Many brilliant and creative people have worked over the last few decades to develop digital technology. As with many inventions, the conception and the consequences were years apart, and what was imagined as the possible uses of technology was probably very different from the reality.
So, now we have this amazing variety of tools at our disposal. Nearly every house has a computer, and there seems to be a smartphone in every hand. I have more technology in my purse than NASA had to get men on the moon.
As with anything, there are extremes of attitude about technology. Some take it for granted and don’t think it is important to consider whether or not tech has a positive or negative impact; it’s part of our lives, no big deal. Others are suspicious and fearful, prophesying The End of Civilization As We Know It with every iteration.
I often defend technology as nothing more than a tool, like a hammer. You can use it to build a birdhouse, or beat someone to death. “It ain’t the hammer’s fault what’n you choose to do with it,” as my great Uncle Arnold would say. But I also don’t believe there is such a thing as a truly amoral activity, especially for a Christian who believes in the pursuit of God’s ideals of holiness and virtue.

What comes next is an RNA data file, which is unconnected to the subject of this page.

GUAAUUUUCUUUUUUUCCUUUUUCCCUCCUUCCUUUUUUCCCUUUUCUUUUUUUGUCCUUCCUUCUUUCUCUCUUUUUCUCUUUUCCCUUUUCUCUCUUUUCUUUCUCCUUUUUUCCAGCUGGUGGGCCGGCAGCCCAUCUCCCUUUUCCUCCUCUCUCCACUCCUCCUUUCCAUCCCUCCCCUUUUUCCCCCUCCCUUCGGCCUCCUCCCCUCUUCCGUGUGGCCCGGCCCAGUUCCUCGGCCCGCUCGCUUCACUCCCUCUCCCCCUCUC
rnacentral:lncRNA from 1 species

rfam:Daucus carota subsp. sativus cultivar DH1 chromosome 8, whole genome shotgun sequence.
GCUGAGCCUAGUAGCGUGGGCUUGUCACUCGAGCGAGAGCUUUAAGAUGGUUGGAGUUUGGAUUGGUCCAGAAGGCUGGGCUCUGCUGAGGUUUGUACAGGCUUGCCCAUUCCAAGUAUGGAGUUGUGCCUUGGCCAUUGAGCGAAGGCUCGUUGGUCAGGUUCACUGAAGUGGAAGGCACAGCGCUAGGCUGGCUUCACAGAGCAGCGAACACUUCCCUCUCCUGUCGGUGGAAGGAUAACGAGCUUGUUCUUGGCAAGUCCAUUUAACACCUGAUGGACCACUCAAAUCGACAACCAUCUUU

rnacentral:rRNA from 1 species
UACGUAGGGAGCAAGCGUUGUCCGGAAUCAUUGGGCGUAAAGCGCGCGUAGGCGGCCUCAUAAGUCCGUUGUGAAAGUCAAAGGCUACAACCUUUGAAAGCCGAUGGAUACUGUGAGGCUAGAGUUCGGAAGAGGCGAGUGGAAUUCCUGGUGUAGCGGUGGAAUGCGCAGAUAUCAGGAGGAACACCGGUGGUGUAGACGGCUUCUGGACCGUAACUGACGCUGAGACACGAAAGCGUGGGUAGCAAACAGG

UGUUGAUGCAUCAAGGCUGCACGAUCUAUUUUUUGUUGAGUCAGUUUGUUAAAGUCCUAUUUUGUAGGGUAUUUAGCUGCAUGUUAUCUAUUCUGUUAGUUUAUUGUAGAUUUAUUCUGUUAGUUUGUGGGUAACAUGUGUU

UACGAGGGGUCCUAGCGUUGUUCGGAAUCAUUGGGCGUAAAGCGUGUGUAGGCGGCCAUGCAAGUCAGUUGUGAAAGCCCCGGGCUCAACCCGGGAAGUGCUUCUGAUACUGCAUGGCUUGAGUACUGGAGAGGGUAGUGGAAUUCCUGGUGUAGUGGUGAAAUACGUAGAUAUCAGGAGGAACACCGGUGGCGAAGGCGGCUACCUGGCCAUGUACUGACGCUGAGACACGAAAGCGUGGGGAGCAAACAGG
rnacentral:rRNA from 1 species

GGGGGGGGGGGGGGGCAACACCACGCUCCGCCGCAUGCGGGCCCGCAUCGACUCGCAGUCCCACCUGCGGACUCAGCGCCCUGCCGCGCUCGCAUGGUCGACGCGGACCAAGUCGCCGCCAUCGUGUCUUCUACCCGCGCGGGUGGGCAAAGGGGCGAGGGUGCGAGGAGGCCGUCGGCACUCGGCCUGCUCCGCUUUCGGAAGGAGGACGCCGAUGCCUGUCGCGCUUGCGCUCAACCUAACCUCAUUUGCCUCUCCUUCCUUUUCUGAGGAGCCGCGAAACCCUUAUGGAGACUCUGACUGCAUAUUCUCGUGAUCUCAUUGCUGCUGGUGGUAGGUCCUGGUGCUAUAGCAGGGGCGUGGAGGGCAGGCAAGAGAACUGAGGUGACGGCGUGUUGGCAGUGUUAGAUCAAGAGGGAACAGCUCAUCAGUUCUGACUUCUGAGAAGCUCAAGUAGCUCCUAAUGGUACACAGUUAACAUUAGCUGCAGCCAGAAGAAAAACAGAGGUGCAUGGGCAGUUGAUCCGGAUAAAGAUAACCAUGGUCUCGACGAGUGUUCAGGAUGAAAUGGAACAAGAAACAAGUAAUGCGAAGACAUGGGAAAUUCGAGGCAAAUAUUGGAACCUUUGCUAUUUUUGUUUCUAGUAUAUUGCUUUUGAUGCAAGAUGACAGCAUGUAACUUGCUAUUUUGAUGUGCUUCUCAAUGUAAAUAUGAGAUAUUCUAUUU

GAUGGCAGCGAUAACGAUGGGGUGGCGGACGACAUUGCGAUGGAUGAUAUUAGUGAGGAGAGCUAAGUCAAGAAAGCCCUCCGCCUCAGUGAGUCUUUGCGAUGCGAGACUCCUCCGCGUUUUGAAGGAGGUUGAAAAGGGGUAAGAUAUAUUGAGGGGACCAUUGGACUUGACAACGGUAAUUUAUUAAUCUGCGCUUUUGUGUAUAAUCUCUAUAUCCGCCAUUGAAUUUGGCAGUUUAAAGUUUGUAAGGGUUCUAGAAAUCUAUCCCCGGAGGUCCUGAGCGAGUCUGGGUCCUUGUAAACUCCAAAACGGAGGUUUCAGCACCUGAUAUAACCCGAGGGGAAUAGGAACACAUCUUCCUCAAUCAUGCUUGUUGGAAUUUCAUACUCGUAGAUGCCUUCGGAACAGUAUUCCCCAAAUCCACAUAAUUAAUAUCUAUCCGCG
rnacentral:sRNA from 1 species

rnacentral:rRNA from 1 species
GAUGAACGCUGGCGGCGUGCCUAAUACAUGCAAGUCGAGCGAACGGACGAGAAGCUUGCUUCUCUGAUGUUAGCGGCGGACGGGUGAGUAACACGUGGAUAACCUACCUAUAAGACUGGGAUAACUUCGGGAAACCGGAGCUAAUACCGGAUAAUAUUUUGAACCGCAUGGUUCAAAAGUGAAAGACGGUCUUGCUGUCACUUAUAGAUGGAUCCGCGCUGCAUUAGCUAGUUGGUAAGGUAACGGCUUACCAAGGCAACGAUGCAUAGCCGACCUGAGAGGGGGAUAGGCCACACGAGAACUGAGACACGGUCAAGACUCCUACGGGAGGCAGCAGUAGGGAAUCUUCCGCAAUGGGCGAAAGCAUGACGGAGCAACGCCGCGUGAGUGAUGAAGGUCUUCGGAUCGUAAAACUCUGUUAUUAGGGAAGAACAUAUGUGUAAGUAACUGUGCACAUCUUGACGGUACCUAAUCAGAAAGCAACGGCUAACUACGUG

Is it possible for the hammer, or the smartphone, or the laptop to become evil? Just as “out of the abundance of the heart, the mouth speaketh,” we could say the XBox or Kindle (or the hammer) reveals the character of the user.
Although the tool itself has no autonomy, it is not without influence because of how it can be used. So instead of dismissing the tool altogether, we should apply the Proverbial trio of “knowledge, wisdom, and understanding” to the task.
Which prompts the questions: “Why did you buy the techno-gadget you have in your hand—for what specific purpose? Is it fulfilling that purpose?”
If we are having trouble figuring out where to draw the line with the use of digital devices, there are questions that can help us weigh our choices against biblical principles, such as:
- How do our actions affect others? 1 Corinthians 8 is an often-used passage more complex than meets the eye, but it does convey the idea that we should take the effects of our actions upon others seriously.
- Could we describe our behavior as purposeful and reasonable? Philippians has a lot to say about both of these goals and characteristics.
- Do our actions and attitudes bring honor and glory to God? Revelation 4:11 is as concise as it gets about our true purpose on earth, and that’s our True North.
- Are we being good stewards of our resources? Technology is a resource we can use in good conscience—but consider the verses preceding Ephesians 5:16, describing foolish and wise behaviors, and ask whether or not our account of ourselves could be summed up in 1 Corinthians 4:2.
What about the other extreme?